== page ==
La Fondazione Prada, in Milan, Italy – 2015


La Fondazione Prada, in Milan, Italy, shows just an“Antipasti” before the construction of the Tower


Since 1993, Fondazione Prada  presents its collection of art through special projects in Venice, Milan, London, Tokyo or Paris. In 2011, a wonderful Venetian Palazzo, Ca’ Corner Della Regina overlooking the grand canal, became the headquarter of Prada’s cultural adventure, and it continues with a brand new building settled southeast of Milan.



Initially a distillery, the ensemble has been re-created by architecture firm OMA, led by Rem Koolhaas. The result fits perfectly with the architecture of the city of Milan. It looks disparate with different styles though it’s organized, it is austere and ultra-minimalist though efficient.


Photo: Attilio Maranzano. Courtesy Fondazione Prada
Photo: Attilio Maranzano. Courtesy Fondazione Prada



However the “Bar Luce” is very warm and welcoming with its decoration designed by film director Wes Andersonis which recreates the atmosphere of a typical Milanese cafè.





We obviously see different aesthetic sources of inspiration.
One, of course, is from the Bauhaus for the same pragmatism and coldness.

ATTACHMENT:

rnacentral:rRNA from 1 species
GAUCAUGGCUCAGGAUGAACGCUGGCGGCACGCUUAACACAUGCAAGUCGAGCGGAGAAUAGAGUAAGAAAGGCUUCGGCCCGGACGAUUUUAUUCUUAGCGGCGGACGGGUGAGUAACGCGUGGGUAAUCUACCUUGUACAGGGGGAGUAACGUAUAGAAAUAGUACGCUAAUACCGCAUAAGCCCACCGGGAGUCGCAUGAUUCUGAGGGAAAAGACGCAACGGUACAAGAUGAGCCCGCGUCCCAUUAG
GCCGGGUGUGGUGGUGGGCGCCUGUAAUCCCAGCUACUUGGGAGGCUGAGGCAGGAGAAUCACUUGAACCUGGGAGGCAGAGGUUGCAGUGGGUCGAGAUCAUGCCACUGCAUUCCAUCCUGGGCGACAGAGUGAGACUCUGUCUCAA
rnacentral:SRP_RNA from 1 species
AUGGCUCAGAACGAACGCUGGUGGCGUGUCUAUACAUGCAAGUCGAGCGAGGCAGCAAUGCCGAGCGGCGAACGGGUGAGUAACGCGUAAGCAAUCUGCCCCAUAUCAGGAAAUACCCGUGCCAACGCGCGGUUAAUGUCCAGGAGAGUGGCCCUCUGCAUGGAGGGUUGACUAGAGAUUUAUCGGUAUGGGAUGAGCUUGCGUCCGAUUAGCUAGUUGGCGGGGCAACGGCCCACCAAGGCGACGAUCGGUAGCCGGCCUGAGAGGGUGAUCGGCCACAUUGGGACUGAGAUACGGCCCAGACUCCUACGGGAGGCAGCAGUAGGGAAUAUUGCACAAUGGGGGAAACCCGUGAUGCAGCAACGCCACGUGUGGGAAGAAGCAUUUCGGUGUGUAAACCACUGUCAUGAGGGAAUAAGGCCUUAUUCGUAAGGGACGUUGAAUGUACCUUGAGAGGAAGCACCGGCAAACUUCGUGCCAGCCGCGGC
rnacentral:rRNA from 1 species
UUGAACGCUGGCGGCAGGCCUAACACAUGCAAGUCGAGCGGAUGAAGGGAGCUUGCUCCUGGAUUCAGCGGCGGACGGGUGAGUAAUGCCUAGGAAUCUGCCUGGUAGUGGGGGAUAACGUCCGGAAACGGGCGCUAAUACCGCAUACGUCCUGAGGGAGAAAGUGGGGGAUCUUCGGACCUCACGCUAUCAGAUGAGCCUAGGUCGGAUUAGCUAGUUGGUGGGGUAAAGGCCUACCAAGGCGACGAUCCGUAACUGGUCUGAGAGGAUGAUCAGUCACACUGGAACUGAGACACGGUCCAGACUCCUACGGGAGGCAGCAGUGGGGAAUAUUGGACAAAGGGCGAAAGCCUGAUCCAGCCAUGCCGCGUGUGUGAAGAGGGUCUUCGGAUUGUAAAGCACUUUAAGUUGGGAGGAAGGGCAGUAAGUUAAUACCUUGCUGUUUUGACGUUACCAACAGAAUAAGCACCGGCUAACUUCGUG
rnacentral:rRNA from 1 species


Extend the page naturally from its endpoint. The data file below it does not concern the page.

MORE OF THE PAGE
The other reference is from de Chirico with the windows and perspectives (see left).






Also, the gold uses to cover one building echoes the background of many “Madonna with a child’s” paintings that flourished for centuries in Italy.







The whole curatorial program was guided by one unique question:

What is a cultural institution for? We embrace the idea that culture is deeply useful and necessary as well as attractive and engaging. Culture should help us with oour everyday lives, and understand how we, and the world, are changing. This assumption will be the key for the Fondazione’s future activities”

This is why they partitioned the Fondazione into permanent exhibitions and temporary:


This is the famous Four stories building all covered with gold that hosts permanently four works by Robert Gober and Two by Louis Bourgeois. The inside, all made with concrete is composed by some sort of prison cells filled with wonderful artworks. The two artists work perfectly all together despite the facts that collectors know very well those artists and there’s no surprise and acknowledgment for them here.


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scale to Demand’s rooms

This is another permanent exhibition by Thomas Demand, from 2006. It is a set of materials and installation to show the whole process of creation that leads to the final Black and White photography.

Thomas Demand’s specificity is to reconstruct, with cardboard, papers, scenes he finds in images taken from various media sources. For that installation Processo Grotesco he used a postcard of a grotto in Majorca and used 30 tons of gray cardboard. Despite the phenomenal process, this is absolutely not interesting because the final project, the photograph, contains no soul, nothing we, as viewer, can catch for ourself. Very grotesco indeed…